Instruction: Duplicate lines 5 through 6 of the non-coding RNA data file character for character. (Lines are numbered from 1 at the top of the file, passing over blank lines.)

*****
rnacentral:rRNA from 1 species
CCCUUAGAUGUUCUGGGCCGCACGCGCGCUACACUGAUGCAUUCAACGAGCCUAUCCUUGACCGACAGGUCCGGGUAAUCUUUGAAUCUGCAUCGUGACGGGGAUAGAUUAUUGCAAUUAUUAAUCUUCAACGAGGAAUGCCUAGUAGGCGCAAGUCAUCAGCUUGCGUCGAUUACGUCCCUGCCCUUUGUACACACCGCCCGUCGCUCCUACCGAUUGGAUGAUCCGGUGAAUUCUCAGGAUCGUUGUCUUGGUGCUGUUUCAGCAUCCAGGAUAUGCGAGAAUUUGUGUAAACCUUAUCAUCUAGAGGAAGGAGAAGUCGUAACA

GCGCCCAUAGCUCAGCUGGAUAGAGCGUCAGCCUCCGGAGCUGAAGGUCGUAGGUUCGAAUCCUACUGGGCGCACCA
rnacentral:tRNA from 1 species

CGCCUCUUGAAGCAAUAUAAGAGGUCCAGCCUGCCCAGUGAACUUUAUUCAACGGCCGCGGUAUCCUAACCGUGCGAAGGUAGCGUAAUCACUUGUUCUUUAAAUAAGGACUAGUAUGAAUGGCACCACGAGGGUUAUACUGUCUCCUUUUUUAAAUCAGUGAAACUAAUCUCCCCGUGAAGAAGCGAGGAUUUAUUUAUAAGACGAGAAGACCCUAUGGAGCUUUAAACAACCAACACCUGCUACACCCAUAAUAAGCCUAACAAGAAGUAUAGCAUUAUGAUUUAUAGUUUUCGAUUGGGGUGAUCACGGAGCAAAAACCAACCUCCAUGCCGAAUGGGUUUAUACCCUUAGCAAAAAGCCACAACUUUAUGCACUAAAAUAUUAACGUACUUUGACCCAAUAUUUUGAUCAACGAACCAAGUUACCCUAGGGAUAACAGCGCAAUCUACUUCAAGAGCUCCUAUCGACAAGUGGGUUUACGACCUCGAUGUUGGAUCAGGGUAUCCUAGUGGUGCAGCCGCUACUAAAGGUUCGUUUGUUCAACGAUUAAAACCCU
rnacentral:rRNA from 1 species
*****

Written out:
CGCCUCUUGAAGCAAUAUAAGAGGUCCAGCCUGCCCAGUGAACUUUAUUCAACGGCCGCGGUAUCCUAACCGUGCGAAGGUAGCGUAAUCACUUGUUCUUUAAAUAAGGACUAGUAUGAAUGGCACCACGAGGGUUAUACUGUCUCCUUUUUUAAAUCAGUGAAACUAAUCUCCCCGUGAAGAAGCGAGGAUUUAUUUAUAAGACGAGAAGACCCUAUGGAGCUUUAAACAACCAACACCUGCUACACCCAUAAUAAGCCUAACAAGAAGUAUAGCAUUAUGAUUUAUAGUUUUCGAUUGGGGUGAUCACGGAGCAAAAACCAACCUCCAUGCCGAAUGGGUUUAUACCCUUAGCAAAAAGCCACAACUUUAUGCACUAAAAUAUUAACGUACUUUGACCCAAUAUUUUGAUCAACGAACCAAGUUACCCUAGGGAUAACAGCGCAAUCUACUUCAAGAGCUCCUAUCGACAAGUGGGUUUACGACCUCGAUGUUGGAUCAGGGUAUCCUAGUGGUGCAGCCGCUACUAAAGGUUCGUUUGUUCAACGAUUAAAACCCU
rnacentral:rRNA from 1 species